Now that you know what a sitar is, how do you know which one is right for you? Well, while you’ll find many styles and details, there are really only two main types of sitars: the “Ravi Shankar” and the “Vilayat Khan.” Both of these, you may notice, are named after true sitar pioneers.
However, we should mention that among these two types of sitars, there are various styles and updates. For instance, you may prefer to learn and eventually master the “bass sitar,” known as the Surbahar. Or, you can act like Bob Dylan, and modernize your sitar playing with an electric sitar. If you’re looking for more information about the electric sitar, click here. As for the Surbahar, you’ll find a detailed overview further down on this webpage.
The first type of sitar is the “Ravi Shankar” (or “RV”), which is named after the renowned sitarist and musical legend. RV sitars also feature 12-14 sympathetic strings. You’ll find that Ravi Shankar sitars are equipped with bass melody strings. This type of sitar also boasts a second small pumpkin that is attached near the top of its neck. The Ravi Shankar sitar is constructed with two extra bass strings. As a result, these types of sitars produce a deep, bass-filled sound.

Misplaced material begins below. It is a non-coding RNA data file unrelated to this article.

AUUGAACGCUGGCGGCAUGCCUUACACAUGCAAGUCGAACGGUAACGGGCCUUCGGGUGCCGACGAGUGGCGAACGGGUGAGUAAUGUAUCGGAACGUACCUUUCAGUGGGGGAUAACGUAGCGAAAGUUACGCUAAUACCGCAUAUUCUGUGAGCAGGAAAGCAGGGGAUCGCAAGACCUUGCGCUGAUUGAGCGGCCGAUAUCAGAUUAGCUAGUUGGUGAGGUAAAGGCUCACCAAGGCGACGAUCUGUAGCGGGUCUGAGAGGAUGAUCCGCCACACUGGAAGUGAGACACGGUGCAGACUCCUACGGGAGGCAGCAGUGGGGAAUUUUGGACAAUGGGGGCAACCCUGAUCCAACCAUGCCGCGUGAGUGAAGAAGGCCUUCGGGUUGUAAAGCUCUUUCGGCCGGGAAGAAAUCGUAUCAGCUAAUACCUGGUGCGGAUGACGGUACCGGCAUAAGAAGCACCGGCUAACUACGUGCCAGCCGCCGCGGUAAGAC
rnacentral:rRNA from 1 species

But in place of the missing bass strings, these types of sitars are constructed with an additional rhythmic accompaniment string, known as a “chickaree.” This additional feature enables the Vilayat Khan type of sitar to produce a fuller and more chordal sound quality.
In addition, the V.K. type of sitar features far less wood carvings and decorations. This may be due to the fact that the V.K. type of sitar is often played by a specific school of sitar-playing, the “Etawa gharana.” These particular sitar performers embrace a minimalist approach to decoration. Most often, they prefer sitars that are dark brown or black in color.
Besides the two main types of sitars, there’s another option for music lovers. The “Surbahar,” or bass sitar, is a larger type of sitar that typically employs very thick strings and a much wider neck. The surbahar sports a broader fret-board, as well. This type of sitar offers a deeper tonal quality, as well. Among sitar enthusiasts, this type of sitar is considered much more difficult to play than other types.
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